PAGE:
Darkness in P. D. James's The Black Tower



Year of publication 2017
Type Appeared in Conference without Proceedings
MU Faculty or unit

Faculty of Arts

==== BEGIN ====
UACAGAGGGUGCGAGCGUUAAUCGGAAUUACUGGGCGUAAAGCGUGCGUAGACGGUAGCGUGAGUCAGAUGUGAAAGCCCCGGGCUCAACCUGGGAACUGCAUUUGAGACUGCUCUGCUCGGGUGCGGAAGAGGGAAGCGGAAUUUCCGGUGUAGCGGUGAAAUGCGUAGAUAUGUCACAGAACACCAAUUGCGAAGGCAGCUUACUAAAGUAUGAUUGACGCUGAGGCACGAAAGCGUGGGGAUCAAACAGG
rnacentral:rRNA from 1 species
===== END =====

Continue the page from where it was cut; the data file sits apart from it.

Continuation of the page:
Description The style of P. D. James’s writing differs significantly from the other female crime writers. As it was pointed out by Hubly, James creates fiction that pictures a world that is inherently flawed and bad, it is a world that “is basically a disorderly and evil place, in which good, when it does occur, is the temporary aberration” (2). This essay, therefore, examines various dark motives such as despair, imperfection, disgust, death, and darkness itself and also discusses their usage and role in the text. Then the essay analyses how these motives of darkness – if any – manifest in a more typical piece of writing, From Doon with Death, by Ruth Rendell. The reason for this piece to be chosen is that Rendell and James come from the same period and, although it is a more traditional story, it still shares some aspects with P. D. James’s The Black Tower. Lastly, the present paper compares and contrasts the usage of the motives.
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